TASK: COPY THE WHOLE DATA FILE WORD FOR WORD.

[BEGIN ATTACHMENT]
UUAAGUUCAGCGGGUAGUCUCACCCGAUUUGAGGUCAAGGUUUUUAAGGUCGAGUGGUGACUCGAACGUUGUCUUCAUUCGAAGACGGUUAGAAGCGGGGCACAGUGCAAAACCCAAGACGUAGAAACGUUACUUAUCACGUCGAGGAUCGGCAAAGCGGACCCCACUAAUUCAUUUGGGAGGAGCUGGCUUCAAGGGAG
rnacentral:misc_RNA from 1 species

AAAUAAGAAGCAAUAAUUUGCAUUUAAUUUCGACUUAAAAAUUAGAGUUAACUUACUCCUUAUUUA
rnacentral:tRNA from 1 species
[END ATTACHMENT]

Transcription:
UUAAGUUCAGCGGGUAGUCUCACCCGAUUUGAGGUCAAGGUUUUUAAGGUCGAGUGGUGACUCGAACGUUGUCUUCAUUCGAAGACGGUUAGAAGCGGGGCACAGUGCAAAACCCAAGACGUAGAAACGUUACUUAUCACGUCGAGGAUCGGCAAAGCGGACCCCACUAAUUCAUUUGGGAGGAGCUGGCUUCAAGGGAG
rnacentral:misc_RNA from 1 species

AAAUAAGAAGCAAUAAUUUGCAUUUAAUUUCGACUUAAAAAUUAGAGUUAACUUACUCCUUAUUUA
rnacentral:tRNA from 1 species